Meet the Youth Leadership Team
Six Indigenous youth from across Ontario bring their wide range of skills and experience to lead the Shield Your Rights project. Forming a youth leadership team (YLT), the youth members are designing and developing a public legal education (PLE) digital game that will inform Indigenous youth of their rights when interacting with the police. The team works with subject-matter experts in law, Indigenous knowledge, and game design to develop the design documents for an accessible and informative digital game for fellow Indigenous youth.
The YLT share a passion for improving relationships between Indigenous youth and police. We invite you to get to know the team and share their excitement for this responsive and innovative PLE project:
My name is Eden Gepner-Bourgeois, I am an Indigenous grade 10 student in Toronto, Ontario. I am Cree-Metis from the Red River District, and have lived in Toronto all my life. I got involved with the Shield your Rights project because I believe that this is a great way to educate Indigenous youth about a topic that not many people know a lot about. During the project, I have learned so much about my rights as an Indigenous youth, and I am hoping that youth will learn as much about this topic as I have.
Leah Horzempa is Métis from Ontario near Georgian Bay. She is on a journey to reconnect with her Métis heritage and culture, including learning traditional beadwork, leather working, and building relationships with her First Nations and more-than-human kin. Leah is a lawyer, educator, facilitator, public speaker, consultant and the owner of Sister Circle Consulting, and currently lives and works in Tkaronto. Leah spends most of her time learning and educating about Indigenous knowledge systems and governance, natural and Indigenous customary legal systems, restorative justice, Indigenous research and evaluation methods, feminism and gender inclusivity, community governance, and reconciliation to achieve nation to nation relationships. Leah has an honours bachelor’s degree of arts and science from the University of Guelph (2013), and a Juris Doctorate from Osgoode Hall Law School (2018). Leah got involved in the Shield Your Rights project for the chance to work collaboratively with other Indigenous young people who are committed to Indigenous justice, and she deeply values all the knowledge and experience they have shared with her along the way.
My name is Elijah Meloche. I am from the Oneida Nation of The Thames. I am currently studying Community and Justice Services, with a focus on restorative justice and liaison duties, through First Nations Technical Institute.
I got involved with Shield Your Rights because of the opportunity to translate shared experiences of the past and current justice system through Indigenous eyes. Having an active role in the creative process of a mobile game has been amazing; the opportunity to convey Traditional knowledge and teachings in this medium underscores that feeling for me.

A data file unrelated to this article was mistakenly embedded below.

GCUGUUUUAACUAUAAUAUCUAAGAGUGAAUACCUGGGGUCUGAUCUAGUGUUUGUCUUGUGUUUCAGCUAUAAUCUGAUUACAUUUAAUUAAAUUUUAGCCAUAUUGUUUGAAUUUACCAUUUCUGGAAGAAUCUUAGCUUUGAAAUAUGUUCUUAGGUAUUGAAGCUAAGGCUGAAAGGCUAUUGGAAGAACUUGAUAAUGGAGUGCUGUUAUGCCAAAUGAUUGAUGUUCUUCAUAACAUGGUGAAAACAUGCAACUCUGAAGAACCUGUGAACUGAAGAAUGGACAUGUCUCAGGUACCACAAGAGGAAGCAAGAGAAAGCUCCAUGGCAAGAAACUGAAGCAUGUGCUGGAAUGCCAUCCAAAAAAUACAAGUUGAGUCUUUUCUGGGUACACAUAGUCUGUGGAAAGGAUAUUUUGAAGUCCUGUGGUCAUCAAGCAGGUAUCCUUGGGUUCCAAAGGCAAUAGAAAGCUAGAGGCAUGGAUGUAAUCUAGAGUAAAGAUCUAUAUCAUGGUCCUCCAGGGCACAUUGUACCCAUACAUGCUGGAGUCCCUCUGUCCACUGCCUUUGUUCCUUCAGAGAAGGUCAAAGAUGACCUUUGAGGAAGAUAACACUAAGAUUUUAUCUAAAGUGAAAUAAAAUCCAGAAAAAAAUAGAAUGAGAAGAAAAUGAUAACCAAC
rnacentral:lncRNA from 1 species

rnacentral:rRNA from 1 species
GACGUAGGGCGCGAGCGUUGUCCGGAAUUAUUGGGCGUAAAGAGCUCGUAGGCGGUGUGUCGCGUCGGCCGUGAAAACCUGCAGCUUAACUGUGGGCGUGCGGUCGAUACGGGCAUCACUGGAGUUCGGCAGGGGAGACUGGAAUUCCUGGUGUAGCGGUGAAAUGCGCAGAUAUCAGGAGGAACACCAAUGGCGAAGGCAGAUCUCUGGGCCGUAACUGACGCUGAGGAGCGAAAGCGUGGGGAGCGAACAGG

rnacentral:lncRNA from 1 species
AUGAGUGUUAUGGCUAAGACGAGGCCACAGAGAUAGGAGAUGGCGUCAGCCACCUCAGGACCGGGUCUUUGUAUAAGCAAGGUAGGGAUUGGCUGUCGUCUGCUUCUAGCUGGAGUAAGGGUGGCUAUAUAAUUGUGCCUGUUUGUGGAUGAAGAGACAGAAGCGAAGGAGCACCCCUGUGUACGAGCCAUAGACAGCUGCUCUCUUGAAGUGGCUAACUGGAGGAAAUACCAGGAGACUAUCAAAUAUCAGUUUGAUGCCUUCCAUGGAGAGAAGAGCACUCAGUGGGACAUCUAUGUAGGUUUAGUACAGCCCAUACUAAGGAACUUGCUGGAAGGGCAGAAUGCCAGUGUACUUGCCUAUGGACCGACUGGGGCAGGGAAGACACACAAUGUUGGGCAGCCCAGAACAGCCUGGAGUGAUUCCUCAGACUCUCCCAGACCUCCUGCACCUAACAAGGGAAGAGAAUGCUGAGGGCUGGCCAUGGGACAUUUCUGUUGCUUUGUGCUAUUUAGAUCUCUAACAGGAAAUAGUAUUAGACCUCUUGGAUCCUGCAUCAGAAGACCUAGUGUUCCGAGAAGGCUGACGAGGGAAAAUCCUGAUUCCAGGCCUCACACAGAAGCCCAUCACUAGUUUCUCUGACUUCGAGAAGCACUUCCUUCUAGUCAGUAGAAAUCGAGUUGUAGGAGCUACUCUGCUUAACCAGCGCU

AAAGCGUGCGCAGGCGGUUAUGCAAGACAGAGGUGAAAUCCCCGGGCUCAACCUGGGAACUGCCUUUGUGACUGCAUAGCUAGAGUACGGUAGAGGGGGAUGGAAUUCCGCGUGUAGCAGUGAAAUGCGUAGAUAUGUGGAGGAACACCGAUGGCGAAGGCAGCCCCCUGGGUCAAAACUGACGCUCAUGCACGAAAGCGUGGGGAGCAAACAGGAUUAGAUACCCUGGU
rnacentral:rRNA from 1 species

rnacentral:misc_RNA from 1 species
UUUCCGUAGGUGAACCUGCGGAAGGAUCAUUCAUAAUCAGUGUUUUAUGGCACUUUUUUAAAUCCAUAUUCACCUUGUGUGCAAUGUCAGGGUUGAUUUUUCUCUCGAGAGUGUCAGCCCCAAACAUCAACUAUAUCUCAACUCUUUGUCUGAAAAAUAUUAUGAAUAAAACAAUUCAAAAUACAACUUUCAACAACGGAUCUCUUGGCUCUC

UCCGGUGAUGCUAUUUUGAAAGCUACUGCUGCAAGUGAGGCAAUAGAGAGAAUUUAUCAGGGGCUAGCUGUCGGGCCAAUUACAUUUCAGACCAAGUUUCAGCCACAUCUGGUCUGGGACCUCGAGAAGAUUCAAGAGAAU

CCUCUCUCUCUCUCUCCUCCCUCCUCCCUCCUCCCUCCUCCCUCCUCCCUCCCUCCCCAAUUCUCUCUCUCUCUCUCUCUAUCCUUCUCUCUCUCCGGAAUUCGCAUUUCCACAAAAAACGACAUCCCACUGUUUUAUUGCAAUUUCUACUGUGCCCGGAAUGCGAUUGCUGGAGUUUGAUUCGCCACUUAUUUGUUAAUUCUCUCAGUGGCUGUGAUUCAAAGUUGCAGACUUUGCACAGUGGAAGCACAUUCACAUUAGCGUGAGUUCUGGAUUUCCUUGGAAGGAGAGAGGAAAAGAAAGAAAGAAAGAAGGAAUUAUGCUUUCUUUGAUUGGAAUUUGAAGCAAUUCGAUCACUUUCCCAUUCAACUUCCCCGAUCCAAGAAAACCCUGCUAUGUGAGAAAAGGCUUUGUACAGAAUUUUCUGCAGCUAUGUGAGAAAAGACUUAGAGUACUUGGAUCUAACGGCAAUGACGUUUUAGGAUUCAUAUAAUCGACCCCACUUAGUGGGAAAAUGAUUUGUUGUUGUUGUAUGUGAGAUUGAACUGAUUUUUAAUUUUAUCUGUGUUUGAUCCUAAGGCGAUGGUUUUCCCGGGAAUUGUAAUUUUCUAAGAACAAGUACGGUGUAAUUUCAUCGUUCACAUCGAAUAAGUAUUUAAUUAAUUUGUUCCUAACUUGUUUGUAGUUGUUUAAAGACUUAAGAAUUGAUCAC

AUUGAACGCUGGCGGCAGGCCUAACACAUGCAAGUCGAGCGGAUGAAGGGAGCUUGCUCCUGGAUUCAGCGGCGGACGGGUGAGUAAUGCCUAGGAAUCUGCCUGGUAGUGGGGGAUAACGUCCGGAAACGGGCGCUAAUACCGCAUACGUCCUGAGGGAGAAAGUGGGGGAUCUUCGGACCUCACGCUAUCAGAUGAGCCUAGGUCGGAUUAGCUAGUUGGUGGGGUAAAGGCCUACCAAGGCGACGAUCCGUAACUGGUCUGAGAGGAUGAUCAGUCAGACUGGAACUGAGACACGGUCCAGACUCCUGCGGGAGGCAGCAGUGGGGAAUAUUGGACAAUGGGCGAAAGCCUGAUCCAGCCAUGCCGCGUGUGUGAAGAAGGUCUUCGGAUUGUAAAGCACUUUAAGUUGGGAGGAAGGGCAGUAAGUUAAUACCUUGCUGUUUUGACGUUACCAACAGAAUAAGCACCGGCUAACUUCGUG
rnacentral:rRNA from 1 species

My name is Jeremy Naveau, and I’m from Brunswick House First Nation within Treaty 9 territory. I am a Youth Champion for my young people and have been an advocate for Indigenous youth in Ontario since 2014. My advocacy has allowed me to work intensively with the former Ontario Child Advocate’s Office, the Feathers of Hope initiative and further been involved with Nishnawbe-Aski Nation’s Chiefs Assemblies and youth delegations to speak on behalf of young people within the region. I became involved with the Shield Your Rights for the simple reason that it allowed space for youth to bring forward our ideas and solutions to a problem that is too often overlooked and begin to strengthen the relationship between young people and the justice system. What I like most about this project is the amount of cultural significance that’s been woven into the story of this app, where youth will simultaneously learn how to shield their rights and establish a connection to their culture and identities.
Wacheya! My name’s Tehya Quachegan and I am Moose Cree from Moose Factory. I grew up in Thunder Bay but am currently at Western University in my 3rd year of my undergrad with a double major in Psychology and Indigenous Studies. I got involved in the Shield Your Rights project because with growing up in Thunder Bay I saw the relationship of distrust with the police force and Indigenous peoples, and in the end, both suffer because of this. I think projects like this are important in being part of the solution. I really like that the Shield Your Rights project is led by our Indigenous youth team and how much we value consulting with Indigenous peoples and properly navigating how to integrate traditional teachings into our game. I am so excited to be part of this journey and hope to see it empower Indigenous youth one day.